From all of them, the response to PEV was very different than in the past: almost speechless and stunned by the power of the music and the excellence of the ensemble. The word “Wow” did come out several times, and some much more colorful expressions of appreciation. All agreed that it was not only the best performance I’d been part of, but probably the best choral performance they’d ever heard. They were blown away by the soloists, the repertoire, by Lynne’s conducting and comments. Along with the pure joy of singing with PEV, what a thrill for me to be part of something that elicits this response!

Suzy Logan (Alto)


Hi, all. I wanted to share two thoughts with all of you as we head into a well-deserved break for the holidays.

The first is a big collective thank-you to all of you for the hard work, commitment and spirit that everyone put into this concert, both in our months of preparation and in two gloriously rich performances. As many others have commented, we created many wonderful sounds, and it was thrilling to be a part of it.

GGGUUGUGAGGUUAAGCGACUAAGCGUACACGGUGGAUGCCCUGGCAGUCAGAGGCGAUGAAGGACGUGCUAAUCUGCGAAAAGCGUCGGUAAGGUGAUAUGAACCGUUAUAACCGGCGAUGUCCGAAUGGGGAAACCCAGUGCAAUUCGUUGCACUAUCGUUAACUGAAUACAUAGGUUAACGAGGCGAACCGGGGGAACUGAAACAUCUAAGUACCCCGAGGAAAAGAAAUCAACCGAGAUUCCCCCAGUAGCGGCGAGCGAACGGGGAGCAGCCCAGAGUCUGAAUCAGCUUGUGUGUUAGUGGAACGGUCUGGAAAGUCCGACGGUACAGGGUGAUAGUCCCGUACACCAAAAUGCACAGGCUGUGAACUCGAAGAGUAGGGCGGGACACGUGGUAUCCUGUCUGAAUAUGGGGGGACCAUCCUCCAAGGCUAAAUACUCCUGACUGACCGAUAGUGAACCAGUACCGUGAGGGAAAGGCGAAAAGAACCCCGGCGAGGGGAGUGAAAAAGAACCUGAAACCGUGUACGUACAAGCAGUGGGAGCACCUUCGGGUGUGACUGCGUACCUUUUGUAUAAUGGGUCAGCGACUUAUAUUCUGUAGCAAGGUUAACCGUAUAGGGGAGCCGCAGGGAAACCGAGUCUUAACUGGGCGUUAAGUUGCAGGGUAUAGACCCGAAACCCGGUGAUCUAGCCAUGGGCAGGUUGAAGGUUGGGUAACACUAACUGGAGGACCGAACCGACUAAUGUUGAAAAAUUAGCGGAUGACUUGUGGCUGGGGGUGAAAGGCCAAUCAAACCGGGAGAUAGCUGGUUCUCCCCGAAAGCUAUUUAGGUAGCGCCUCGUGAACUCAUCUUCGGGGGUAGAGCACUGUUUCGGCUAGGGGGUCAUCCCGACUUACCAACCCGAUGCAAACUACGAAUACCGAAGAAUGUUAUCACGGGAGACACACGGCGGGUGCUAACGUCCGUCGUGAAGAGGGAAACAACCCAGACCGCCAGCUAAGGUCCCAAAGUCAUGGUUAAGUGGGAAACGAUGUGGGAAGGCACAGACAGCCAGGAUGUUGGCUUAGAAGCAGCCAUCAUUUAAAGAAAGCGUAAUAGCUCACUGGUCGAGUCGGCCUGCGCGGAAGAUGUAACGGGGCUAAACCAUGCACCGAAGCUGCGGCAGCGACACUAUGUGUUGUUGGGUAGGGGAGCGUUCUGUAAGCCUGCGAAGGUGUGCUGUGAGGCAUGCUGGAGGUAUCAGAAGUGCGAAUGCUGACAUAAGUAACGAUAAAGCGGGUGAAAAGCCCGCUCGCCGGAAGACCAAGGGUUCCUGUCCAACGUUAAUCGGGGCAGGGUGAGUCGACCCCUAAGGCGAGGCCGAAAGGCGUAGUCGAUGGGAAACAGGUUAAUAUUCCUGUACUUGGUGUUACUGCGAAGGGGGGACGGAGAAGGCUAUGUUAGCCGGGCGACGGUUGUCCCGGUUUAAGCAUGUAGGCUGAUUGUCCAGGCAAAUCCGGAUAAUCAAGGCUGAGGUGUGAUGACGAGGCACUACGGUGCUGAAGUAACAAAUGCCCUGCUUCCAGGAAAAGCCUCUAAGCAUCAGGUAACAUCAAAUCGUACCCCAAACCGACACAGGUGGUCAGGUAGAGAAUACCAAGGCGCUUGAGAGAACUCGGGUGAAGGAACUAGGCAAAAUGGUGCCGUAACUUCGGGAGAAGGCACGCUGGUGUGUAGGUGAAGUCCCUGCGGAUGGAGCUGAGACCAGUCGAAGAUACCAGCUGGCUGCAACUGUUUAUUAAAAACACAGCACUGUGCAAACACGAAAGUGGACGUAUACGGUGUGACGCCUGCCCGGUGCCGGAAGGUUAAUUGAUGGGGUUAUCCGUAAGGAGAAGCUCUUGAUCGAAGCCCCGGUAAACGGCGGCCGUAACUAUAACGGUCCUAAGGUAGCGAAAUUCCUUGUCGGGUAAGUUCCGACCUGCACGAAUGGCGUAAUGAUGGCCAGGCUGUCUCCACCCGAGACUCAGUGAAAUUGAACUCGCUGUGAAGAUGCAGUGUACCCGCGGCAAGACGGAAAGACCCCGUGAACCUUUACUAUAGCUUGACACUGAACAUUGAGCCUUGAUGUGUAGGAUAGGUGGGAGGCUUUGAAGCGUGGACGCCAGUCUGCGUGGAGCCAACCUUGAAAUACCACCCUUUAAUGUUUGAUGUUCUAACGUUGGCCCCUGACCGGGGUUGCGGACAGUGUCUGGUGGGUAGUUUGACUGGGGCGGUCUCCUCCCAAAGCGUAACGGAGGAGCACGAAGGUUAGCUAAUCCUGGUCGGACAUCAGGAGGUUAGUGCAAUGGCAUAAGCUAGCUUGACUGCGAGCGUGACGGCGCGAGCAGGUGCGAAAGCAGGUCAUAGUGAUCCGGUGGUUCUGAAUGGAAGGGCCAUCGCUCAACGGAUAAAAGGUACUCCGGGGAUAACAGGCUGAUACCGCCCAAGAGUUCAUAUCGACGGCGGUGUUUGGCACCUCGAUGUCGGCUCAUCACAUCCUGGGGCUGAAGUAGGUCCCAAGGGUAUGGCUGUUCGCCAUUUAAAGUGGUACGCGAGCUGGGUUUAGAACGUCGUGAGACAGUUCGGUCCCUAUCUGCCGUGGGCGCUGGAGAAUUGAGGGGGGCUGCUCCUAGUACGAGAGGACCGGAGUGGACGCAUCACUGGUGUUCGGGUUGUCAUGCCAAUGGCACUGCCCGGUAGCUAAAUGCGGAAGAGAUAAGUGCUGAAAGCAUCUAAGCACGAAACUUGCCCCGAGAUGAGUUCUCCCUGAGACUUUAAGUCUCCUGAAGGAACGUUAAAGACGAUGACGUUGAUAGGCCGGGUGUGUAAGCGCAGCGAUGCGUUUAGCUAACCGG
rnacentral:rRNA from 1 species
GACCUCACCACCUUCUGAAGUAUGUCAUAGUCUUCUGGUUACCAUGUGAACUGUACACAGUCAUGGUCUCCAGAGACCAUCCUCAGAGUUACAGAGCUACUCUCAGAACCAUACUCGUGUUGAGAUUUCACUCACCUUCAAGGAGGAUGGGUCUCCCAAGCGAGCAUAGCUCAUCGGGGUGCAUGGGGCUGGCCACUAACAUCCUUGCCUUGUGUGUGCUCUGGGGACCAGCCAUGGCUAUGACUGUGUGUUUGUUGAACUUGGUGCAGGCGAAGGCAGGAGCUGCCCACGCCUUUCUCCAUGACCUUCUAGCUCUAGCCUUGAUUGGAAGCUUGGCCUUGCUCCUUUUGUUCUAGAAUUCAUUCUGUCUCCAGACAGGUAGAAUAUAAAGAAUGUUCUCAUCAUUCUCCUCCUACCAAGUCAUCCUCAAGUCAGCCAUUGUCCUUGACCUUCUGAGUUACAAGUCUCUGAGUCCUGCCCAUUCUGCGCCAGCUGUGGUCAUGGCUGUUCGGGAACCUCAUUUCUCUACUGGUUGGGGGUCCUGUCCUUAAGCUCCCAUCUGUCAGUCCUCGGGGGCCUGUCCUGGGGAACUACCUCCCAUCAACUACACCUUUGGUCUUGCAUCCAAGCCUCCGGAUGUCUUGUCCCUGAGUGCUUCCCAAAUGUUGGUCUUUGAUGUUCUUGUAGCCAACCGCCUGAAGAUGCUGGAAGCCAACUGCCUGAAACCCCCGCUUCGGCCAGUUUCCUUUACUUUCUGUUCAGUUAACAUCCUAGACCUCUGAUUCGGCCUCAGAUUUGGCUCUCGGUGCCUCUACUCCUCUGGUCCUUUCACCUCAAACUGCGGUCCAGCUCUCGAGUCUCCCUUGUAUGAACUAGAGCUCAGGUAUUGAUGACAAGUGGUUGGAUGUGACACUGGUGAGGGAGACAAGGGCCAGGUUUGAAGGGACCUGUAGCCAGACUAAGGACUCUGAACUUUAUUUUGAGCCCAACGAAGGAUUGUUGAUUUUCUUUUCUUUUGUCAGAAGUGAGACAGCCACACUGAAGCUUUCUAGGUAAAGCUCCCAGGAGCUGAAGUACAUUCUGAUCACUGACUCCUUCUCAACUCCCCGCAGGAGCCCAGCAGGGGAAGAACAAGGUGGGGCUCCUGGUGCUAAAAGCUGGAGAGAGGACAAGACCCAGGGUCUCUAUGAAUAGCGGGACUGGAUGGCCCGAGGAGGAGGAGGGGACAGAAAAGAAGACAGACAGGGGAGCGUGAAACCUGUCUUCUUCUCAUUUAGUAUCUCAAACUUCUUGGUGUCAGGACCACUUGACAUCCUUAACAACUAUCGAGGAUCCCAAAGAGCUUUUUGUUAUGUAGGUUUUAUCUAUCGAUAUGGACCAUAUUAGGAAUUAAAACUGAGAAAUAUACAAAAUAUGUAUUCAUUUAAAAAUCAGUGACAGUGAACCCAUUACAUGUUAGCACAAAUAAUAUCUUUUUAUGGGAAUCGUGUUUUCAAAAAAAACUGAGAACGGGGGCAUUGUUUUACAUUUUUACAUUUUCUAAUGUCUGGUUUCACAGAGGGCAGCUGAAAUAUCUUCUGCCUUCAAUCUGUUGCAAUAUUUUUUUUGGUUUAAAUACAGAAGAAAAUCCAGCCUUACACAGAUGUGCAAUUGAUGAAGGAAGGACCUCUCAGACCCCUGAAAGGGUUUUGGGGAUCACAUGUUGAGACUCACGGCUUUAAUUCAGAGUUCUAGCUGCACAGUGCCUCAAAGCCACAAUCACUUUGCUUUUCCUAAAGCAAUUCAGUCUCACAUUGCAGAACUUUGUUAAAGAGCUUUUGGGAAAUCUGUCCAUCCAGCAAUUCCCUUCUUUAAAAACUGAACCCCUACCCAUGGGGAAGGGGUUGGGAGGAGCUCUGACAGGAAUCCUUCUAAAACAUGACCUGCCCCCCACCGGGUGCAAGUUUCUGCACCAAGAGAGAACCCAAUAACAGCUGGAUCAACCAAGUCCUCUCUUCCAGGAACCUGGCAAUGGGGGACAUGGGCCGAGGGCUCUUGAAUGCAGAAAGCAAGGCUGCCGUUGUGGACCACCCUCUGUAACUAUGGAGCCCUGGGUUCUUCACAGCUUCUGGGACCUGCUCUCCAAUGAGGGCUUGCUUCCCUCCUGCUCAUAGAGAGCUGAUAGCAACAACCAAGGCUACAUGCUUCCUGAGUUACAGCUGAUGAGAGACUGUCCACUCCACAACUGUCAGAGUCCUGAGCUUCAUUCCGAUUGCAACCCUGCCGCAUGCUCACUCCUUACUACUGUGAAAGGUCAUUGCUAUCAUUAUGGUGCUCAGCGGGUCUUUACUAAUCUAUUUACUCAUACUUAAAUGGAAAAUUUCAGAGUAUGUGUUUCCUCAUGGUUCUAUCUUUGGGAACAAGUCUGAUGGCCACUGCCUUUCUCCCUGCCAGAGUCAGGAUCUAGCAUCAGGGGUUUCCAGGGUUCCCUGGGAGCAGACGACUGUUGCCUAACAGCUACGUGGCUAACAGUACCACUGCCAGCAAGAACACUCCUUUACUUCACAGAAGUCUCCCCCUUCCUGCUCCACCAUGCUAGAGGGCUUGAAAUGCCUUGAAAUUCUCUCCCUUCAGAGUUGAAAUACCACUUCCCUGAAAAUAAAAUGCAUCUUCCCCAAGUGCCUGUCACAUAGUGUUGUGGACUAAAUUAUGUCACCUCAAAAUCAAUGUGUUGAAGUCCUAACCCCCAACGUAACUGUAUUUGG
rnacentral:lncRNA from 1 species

The second is a specific thank-you to Lynne M., which I expressed privately to her after rehearsal but wanted also to share with the rest of you. I am very grateful to Lynne for all that she does, all the preparation time and the focus and concentration in rehearsals, to make us better musicians. After every concert set, I feel I’ve learned more about phrasing, lines, diction, dynamics, vocal sound production, performance and presentation, and so many other aspects of musicianship. I wish I’d known all of this 15-20 years ago, when my voice was that much younger and stronger – sadly, the graphic representation of my musical state has a declining voice line to offset the rising musicianship line – but better late than never, right? Anyway, the preparation for a rigorous concert like this last one is a tremendous learning and growing experience, and the performance is pure, unadulterated joy. Thanks, Lynne, for all the hard work and talent you apply to make that happen, and to make us better, individually and collectively.

Happy and safe holidays to all, and an early toast to whatever 2016 holds in store. I’m sure it will be fun.

All the best,

Don Kelley (Bass)


I second what Don says. Yes, this is a very talented group of singers and it is a pleasure working with all of you. But Lynne’s direction and coaching makes us an even better group. The variety of what we sing is impressive, interesting and exciting. That’s what keeps us alert and inspired.

Thank you Lynne.

Doug Jackson (Bass)


Dear Lynne,